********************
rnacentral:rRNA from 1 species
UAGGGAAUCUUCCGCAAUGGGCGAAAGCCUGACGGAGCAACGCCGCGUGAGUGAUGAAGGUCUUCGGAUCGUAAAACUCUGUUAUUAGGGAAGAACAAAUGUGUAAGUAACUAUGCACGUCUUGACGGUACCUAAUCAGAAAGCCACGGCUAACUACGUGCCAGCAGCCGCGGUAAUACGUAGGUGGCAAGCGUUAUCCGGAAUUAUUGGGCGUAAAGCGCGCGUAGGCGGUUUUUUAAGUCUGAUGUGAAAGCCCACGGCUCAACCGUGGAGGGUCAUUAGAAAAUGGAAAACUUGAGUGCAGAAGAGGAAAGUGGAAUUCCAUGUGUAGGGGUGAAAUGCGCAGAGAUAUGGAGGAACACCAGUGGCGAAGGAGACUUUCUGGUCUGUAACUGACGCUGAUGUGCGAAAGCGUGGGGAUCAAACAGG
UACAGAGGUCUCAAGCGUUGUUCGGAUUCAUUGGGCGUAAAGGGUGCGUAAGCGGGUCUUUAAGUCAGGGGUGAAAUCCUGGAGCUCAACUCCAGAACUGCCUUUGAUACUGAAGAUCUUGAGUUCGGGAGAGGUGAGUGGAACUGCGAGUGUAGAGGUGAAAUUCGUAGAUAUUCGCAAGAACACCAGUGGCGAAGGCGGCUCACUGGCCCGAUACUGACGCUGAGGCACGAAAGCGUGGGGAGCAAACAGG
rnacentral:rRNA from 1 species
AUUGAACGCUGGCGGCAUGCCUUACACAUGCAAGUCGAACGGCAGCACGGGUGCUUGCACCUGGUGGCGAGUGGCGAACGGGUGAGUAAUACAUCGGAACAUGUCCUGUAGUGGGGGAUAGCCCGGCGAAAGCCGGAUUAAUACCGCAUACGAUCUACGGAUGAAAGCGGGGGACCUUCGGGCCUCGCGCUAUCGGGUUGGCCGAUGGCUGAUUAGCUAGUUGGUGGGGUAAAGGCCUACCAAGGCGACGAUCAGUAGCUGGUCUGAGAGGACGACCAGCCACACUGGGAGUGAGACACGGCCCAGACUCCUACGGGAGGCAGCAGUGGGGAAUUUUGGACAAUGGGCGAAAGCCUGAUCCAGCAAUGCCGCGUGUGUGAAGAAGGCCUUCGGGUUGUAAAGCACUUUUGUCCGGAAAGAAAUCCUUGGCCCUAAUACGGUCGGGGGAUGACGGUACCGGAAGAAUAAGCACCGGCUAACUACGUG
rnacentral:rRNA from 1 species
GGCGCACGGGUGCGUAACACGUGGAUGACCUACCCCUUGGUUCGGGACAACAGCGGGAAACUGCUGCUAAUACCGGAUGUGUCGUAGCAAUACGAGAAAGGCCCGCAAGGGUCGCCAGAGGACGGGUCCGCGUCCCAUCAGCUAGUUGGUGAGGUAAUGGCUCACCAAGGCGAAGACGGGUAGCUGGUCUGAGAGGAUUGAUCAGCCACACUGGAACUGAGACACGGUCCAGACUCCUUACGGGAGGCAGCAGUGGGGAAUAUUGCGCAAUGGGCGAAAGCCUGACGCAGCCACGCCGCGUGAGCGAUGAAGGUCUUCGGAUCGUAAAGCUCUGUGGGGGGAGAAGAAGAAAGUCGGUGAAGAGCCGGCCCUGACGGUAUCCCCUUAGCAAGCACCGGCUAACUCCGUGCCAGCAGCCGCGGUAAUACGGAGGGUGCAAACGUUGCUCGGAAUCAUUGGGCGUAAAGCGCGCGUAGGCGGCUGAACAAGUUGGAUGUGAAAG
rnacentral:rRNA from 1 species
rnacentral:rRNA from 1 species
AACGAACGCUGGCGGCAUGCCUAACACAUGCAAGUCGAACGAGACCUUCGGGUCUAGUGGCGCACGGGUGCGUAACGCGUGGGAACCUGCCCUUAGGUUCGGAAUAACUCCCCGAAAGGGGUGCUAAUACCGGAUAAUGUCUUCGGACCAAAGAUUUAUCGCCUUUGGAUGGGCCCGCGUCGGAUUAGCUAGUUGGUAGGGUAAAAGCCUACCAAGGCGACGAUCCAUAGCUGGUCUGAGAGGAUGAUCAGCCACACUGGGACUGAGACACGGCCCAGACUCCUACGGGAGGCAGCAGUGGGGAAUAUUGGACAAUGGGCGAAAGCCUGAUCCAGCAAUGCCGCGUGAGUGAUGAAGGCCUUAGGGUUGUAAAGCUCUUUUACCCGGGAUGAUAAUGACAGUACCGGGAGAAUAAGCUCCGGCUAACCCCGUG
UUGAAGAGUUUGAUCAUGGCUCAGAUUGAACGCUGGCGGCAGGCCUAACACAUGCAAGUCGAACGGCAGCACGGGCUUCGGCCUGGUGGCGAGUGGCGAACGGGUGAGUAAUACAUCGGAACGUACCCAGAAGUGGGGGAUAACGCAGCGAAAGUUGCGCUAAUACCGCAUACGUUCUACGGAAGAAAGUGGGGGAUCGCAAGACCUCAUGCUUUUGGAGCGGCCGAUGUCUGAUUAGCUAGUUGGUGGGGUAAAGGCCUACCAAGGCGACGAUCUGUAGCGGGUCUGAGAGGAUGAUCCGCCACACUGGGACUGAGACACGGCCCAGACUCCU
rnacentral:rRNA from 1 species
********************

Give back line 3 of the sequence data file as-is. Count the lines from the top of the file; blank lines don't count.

UACAGAGGUCUCAAGCGUUGUUCGGAUUCAUUGGGCGUAAAGGGUGCGUAAGCGGGUCUUUAAGUCAGGGGUGAAAUCCUGGAGCUCAACUCCAGAACUGCCUUUGAUACUGAAGAUCUUGAGUUCGGGAGAGGUGAGUGGAACUGCGAGUGUAGAGGUGAAAUUCGUAGAUAUUCGCAAGAACACCAGUGGCGAAGGCGGCUCACUGGCCCGAUACUGACGCUGAGGCACGAAAGCGUGGGGAGCAAACAGG